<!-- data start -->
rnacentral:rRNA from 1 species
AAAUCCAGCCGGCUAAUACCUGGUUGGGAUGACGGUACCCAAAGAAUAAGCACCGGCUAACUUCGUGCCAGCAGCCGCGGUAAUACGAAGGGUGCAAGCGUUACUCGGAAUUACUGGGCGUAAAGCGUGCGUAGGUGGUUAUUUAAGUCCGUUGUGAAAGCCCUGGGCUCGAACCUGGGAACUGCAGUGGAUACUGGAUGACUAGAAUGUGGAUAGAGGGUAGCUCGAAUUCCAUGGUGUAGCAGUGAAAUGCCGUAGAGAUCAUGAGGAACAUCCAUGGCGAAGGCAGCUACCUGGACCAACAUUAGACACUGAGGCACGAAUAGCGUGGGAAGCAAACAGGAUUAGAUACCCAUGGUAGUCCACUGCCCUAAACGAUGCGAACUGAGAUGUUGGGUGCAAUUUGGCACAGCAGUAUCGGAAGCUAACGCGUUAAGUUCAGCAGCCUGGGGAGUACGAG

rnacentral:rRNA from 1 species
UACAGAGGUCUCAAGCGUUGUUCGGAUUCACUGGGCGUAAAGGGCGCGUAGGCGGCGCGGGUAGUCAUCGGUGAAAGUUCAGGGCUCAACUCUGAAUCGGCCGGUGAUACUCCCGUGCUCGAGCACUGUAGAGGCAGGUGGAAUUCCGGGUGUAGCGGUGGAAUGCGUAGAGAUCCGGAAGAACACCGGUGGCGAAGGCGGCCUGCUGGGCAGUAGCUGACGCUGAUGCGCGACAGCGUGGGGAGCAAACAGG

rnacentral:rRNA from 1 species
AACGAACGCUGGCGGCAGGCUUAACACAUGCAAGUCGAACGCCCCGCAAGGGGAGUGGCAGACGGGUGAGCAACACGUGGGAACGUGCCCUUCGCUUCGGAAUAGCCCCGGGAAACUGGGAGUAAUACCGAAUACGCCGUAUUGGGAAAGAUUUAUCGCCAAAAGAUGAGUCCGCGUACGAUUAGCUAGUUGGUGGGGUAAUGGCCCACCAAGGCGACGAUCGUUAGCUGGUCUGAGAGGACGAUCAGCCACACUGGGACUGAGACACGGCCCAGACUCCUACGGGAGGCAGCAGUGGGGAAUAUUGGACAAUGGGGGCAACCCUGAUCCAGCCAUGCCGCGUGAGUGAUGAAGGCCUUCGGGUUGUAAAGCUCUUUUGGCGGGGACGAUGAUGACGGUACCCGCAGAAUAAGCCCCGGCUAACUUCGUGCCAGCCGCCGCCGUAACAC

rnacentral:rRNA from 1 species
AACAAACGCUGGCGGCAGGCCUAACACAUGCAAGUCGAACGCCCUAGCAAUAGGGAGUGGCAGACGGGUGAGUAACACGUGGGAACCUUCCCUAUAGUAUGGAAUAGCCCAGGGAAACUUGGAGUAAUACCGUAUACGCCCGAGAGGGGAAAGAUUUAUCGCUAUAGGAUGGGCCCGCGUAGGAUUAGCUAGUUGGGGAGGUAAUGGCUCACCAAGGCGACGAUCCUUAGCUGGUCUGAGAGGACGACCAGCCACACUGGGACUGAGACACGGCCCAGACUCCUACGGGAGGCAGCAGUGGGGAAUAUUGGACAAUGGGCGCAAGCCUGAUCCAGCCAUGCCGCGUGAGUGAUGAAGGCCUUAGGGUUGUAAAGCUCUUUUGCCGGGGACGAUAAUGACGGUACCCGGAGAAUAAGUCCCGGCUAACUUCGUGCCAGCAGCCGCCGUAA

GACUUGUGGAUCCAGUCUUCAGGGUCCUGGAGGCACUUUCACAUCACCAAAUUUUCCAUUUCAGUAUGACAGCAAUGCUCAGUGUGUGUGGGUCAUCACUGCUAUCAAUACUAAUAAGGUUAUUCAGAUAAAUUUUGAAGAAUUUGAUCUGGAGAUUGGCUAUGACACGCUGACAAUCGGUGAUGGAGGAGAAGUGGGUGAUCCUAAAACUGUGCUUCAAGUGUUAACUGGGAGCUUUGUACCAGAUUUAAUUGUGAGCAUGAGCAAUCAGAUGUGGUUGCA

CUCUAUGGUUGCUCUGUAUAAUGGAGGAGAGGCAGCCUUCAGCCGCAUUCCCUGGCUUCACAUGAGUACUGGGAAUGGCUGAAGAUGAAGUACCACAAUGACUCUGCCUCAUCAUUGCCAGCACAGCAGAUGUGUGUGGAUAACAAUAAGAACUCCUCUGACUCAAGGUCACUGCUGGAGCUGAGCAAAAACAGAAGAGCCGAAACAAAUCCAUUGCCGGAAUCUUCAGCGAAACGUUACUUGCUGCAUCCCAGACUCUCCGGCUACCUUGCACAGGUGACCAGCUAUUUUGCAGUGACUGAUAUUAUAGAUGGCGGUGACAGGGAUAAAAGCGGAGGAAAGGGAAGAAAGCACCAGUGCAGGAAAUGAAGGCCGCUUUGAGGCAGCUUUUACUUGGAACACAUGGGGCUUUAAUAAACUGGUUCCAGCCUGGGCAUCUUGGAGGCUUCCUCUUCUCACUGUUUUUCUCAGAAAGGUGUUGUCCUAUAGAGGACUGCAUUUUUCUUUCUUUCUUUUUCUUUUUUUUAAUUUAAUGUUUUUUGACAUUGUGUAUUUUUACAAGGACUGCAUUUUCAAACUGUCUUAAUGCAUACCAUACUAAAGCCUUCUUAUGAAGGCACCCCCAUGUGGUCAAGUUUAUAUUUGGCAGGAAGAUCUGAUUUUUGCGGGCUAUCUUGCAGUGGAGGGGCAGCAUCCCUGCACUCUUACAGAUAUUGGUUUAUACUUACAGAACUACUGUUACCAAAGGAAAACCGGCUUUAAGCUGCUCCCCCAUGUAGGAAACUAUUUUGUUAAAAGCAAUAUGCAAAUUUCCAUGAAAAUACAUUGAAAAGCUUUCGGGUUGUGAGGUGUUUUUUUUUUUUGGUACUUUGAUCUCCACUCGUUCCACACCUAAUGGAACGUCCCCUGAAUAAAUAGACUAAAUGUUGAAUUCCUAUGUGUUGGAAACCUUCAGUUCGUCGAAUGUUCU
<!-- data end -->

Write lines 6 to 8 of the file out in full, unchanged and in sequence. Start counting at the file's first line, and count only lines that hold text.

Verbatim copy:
AACGAACGCUGGCGGCAGGCUUAACACAUGCAAGUCGAACGCCCCGCAAGGGGAGUGGCAGACGGGUGAGCAACACGUGGGAACGUGCCCUUCGCUUCGGAAUAGCCCCGGGAAACUGGGAGUAAUACCGAAUACGCCGUAUUGGGAAAGAUUUAUCGCCAAAAGAUGAGUCCGCGUACGAUUAGCUAGUUGGUGGGGUAAUGGCCCACCAAGGCGACGAUCGUUAGCUGGUCUGAGAGGACGAUCAGCCACACUGGGACUGAGACACGGCCCAGACUCCUACGGGAGGCAGCAGUGGGGAAUAUUGGACAAUGGGGGCAACCCUGAUCCAGCCAUGCCGCGUGAGUGAUGAAGGCCUUCGGGUUGUAAAGCUCUUUUGGCGGGGACGAUGAUGACGGUACCCGCAGAAUAAGCCCCGGCUAACUUCGUGCCAGCCGCCGCCGUAACAC

rnacentral:rRNA from 1 species
AACAAACGCUGGCGGCAGGCCUAACACAUGCAAGUCGAACGCCCUAGCAAUAGGGAGUGGCAGACGGGUGAGUAACACGUGGGAACCUUCCCUAUAGUAUGGAAUAGCCCAGGGAAACUUGGAGUAAUACCGUAUACGCCCGAGAGGGGAAAGAUUUAUCGCUAUAGGAUGGGCCCGCGUAGGAUUAGCUAGUUGGGGAGGUAAUGGCUCACCAAGGCGACGAUCCUUAGCUGGUCUGAGAGGACGACCAGCCACACUGGGACUGAGACACGGCCCAGACUCCUACGGGAGGCAGCAGUGGGGAAUAUUGGACAAUGGGCGCAAGCCUGAUCCAGCCAUGCCGCGUGAGUGAUGAAGGCCUUAGGGUUGUAAAGCUCUUUUGCCGGGGACGAUAAUGACGGUACCCGGAGAAUAAGUCCCGGCUAACUUCGUGCCAGCAGCCGCCGUAA